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Field Physics

23 Jan

When a distinguished but elderly scientist states that something is possible he is almost certainly right. When he states that something is impossible he is very probably wrong – Arthur C. Clarke’s First Law.
Natural science, does not simply describe and explain nature; it is part of the interplay between nature and ourselves. – Werner Heisenberg

PART 1.

In the period 1820-30, Oersted, Ampère and Faraday have shown that electricity and magnetism are two faces of the same coin, they are interrelated phenomena. Their experiments showed that an electric current produced a magnetic field, and that a magnet in motion generates a current flow in a coil of wire.

The science of electromagnetism probably begins when Hoang-ti, the mythical founder of Chinese Empire, construct in 2634 B.C. the first magnetic compass.

Emperor Huang-ti, or the Yellow Emperor. Image credit: wikipedia

Although this invention is often credited to the Chinese, it may be well invented by Northern Europe sailors,

Chinese compass. Image credit: smith.edu

since this device is first described in 1180 by Alexander Neckham, an English monk (1157,1227) [1]. Neckham was born at St. Albans, studied in Paris, and spent the rest of his life at the Augustinain Canos at Cirencester. During his life he compilled a lot of knowledge through the readings of Pliny, Solinus and Cassiodorus. He was a good observer of natural phenomena and wrote numerous books, showing the results of his own observations and moralizing thoughts, one of them is named “Of the Natures of Things”. Neckham was the kind of man that «had no use for war and intrigue» at the second half of the twelfth century, times of development of our intellectual maturity and literature, times when the romance form was born. While the wars rage in Languedoc and Frederick Barbarossa was strugling to unite a patchwork of more than 1600 individual states, each rules by its won prince, others, like Neckham, led their quiet lives, sheltered in some monastery.

Magnesia. Image credit: ne.jp

Lodestone. Image credit: crystal-cure.com

The word magnet is due to the accidental discovery made by a shepherd that lodestones found near the city of Magnesia, in Asia Minor, had the property to attract metals.

Also, the history tells that Thales of Miletus who lives in 600 B.C., considered one of the Seven Wise Men of Greece, observed that when amber is rubbed with a nonconducting fabric it produced an electrical effect. The golden amber was named electron by the Greeks for its sunlight luminosity and was used for jewelery from the earliest times. In 300 B.C., Theophrastus make the following note: “Amber is a stone. It is dug out of the earth in Liguria and has a power of attraction. It is said to attract not only straws and small peces of sticks, but even copper and iron, if they are beaten into thin pieces”. These experimental findings led to distinguish between two kinds of electric charges, the positive (or, in outdated terminology, vitreous, because resulting from electrical phenomena excited by friction on glass), and the negative charges (or resineous, due to friction on sealing-wax). The former explanation of electrical phenomena was based on the hypothesis of the existence of an electrical fluid. Benjamin Franklin (1706,1790), one of the founding fathers of the United States of America, proposed the single fluid theory, that supposes electricity to be a subtle imponderable fluid, existing in all bodies in definite quantities. In order to evaluate the fragility of this explanation, we may add that, according to this view, if a body remains undisturbed, it remains neutral; if by friction or any other process, this quantity is increased, the body is said to be positively electrified, or negatively electrified if, instead, this quantity is diminished. Another outdated theory was the double fluid theory, proposed by Charles Du Fay (1698,1739), a French chemist.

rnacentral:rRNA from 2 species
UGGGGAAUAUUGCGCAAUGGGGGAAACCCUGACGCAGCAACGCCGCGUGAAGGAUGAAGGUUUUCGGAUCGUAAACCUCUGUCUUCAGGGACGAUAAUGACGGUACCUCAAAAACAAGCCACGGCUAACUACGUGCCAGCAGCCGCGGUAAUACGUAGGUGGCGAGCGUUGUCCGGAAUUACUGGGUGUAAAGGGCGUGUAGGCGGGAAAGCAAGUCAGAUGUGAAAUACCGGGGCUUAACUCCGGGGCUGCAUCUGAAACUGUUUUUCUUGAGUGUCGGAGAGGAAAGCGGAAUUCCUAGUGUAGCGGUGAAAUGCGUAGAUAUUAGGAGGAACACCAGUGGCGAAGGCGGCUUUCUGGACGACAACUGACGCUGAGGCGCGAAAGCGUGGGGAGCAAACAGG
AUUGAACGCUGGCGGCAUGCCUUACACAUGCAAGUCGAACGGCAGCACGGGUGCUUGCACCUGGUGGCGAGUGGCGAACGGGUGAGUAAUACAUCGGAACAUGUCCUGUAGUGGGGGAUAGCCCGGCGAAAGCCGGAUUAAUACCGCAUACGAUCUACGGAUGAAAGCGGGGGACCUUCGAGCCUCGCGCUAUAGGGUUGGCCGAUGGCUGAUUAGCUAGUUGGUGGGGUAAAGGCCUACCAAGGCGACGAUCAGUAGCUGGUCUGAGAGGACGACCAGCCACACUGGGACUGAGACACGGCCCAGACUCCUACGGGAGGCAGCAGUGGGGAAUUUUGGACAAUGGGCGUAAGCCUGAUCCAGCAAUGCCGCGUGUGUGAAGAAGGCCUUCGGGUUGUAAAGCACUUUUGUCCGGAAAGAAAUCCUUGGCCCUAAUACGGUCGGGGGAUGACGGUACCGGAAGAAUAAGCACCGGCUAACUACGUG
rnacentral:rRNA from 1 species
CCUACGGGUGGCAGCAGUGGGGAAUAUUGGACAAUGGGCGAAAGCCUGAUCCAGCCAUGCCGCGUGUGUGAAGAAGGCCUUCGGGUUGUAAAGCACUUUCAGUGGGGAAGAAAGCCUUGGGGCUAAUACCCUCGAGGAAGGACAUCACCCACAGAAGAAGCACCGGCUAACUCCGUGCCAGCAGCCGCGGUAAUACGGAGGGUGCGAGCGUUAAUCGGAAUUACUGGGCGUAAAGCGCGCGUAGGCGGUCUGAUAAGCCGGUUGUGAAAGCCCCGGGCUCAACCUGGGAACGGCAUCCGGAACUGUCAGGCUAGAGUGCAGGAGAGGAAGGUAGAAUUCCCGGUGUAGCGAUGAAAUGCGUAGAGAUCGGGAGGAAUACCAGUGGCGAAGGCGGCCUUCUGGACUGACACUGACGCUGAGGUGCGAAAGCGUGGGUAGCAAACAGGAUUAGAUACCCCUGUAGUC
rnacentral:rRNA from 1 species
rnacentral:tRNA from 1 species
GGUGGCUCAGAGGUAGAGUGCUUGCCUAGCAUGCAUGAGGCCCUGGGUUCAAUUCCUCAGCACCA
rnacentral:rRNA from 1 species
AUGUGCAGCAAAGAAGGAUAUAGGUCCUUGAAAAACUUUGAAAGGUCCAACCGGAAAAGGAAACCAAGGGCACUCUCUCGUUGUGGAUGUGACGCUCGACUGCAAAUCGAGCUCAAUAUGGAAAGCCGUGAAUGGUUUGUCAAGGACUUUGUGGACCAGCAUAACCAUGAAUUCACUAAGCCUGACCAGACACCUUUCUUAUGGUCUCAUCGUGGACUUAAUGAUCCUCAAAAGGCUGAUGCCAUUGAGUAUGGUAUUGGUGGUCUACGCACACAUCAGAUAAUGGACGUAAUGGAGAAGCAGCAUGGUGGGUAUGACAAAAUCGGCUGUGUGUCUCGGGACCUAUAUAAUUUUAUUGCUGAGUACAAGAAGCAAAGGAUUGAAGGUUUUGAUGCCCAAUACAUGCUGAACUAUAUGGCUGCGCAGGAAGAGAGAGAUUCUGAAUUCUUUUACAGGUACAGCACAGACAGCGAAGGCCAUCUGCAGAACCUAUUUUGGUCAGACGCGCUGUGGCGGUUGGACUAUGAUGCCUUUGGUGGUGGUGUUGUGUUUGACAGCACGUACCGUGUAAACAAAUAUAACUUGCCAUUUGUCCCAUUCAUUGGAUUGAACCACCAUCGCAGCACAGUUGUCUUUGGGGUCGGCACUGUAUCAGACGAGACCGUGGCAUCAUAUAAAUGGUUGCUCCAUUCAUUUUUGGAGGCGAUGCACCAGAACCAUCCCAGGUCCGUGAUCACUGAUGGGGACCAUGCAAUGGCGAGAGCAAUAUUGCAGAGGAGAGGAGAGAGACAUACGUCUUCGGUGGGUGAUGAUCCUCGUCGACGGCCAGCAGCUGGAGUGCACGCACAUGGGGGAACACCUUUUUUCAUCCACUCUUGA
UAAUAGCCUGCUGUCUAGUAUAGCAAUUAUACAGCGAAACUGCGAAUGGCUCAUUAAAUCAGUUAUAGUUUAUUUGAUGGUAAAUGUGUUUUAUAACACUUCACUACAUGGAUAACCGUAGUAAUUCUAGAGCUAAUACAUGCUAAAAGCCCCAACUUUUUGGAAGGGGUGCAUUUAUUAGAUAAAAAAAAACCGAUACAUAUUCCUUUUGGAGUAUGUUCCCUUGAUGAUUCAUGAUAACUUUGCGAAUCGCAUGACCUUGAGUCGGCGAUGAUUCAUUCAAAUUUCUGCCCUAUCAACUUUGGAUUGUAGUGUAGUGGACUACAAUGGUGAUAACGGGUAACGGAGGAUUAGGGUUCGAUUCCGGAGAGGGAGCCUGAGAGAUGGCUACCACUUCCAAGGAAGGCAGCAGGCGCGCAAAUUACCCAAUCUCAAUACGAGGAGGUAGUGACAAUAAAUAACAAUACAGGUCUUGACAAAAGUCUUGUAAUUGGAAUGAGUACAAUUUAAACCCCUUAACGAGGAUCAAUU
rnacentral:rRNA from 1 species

Ambar. Image credit: purajoia.blogspot.